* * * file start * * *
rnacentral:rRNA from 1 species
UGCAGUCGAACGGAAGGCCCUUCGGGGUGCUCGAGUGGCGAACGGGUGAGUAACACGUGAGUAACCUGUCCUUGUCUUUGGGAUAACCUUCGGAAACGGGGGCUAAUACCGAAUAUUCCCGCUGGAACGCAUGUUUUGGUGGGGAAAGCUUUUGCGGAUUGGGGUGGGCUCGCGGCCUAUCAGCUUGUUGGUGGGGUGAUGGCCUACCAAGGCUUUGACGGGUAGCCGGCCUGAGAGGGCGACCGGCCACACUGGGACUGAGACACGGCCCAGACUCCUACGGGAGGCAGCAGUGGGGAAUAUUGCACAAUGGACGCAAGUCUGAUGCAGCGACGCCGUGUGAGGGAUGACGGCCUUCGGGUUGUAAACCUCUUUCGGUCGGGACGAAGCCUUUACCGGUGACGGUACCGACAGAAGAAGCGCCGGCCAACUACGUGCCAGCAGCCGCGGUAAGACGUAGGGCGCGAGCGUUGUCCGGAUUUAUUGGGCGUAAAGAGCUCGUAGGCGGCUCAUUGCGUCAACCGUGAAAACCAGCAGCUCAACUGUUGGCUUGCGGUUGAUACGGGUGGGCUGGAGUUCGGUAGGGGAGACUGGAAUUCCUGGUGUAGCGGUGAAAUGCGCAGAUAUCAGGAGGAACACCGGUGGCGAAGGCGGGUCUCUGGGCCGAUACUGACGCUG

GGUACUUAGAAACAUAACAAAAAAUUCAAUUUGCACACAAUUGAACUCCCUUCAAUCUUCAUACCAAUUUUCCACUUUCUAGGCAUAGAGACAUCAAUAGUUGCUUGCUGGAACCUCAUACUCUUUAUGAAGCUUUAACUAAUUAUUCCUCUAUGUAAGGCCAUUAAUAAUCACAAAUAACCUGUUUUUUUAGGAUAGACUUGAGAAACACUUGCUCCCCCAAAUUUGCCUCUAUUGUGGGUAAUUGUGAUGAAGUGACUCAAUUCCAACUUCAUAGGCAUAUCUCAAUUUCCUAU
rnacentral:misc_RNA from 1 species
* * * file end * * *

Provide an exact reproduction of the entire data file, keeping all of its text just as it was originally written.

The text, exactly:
rnacentral:rRNA from 1 species
UGCAGUCGAACGGAAGGCCCUUCGGGGUGCUCGAGUGGCGAACGGGUGAGUAACACGUGAGUAACCUGUCCUUGUCUUUGGGAUAACCUUCGGAAACGGGGGCUAAUACCGAAUAUUCCCGCUGGAACGCAUGUUUUGGUGGGGAAAGCUUUUGCGGAUUGGGGUGGGCUCGCGGCCUAUCAGCUUGUUGGUGGGGUGAUGGCCUACCAAGGCUUUGACGGGUAGCCGGCCUGAGAGGGCGACCGGCCACACUGGGACUGAGACACGGCCCAGACUCCUACGGGAGGCAGCAGUGGGGAAUAUUGCACAAUGGACGCAAGUCUGAUGCAGCGACGCCGUGUGAGGGAUGACGGCCUUCGGGUUGUAAACCUCUUUCGGUCGGGACGAAGCCUUUACCGGUGACGGUACCGACAGAAGAAGCGCCGGCCAACUACGUGCCAGCAGCCGCGGUAAGACGUAGGGCGCGAGCGUUGUCCGGAUUUAUUGGGCGUAAAGAGCUCGUAGGCGGCUCAUUGCGUCAACCGUGAAAACCAGCAGCUCAACUGUUGGCUUGCGGUUGAUACGGGUGGGCUGGAGUUCGGUAGGGGAGACUGGAAUUCCUGGUGUAGCGGUGAAAUGCGCAGAUAUCAGGAGGAACACCGGUGGCGAAGGCGGGUCUCUGGGCCGAUACUGACGCUG

GGUACUUAGAAACAUAACAAAAAAUUCAAUUUGCACACAAUUGAACUCCCUUCAAUCUUCAUACCAAUUUUCCACUUUCUAGGCAUAGAGACAUCAAUAGUUGCUUGCUGGAACCUCAUACUCUUUAUGAAGCUUUAACUAAUUAUUCCUCUAUGUAAGGCCAUUAAUAAUCACAAAUAACCUGUUUUUUUAGGAUAGACUUGAGAAACACUUGCUCCCCCAAAUUUGCCUCUAUUGUGGGUAAUUGUGAUGAAGUGACUCAAUUCCAACUUCAUAGGCAUAUCUCAAUUUCCUAU
rnacentral:misc_RNA from 1 species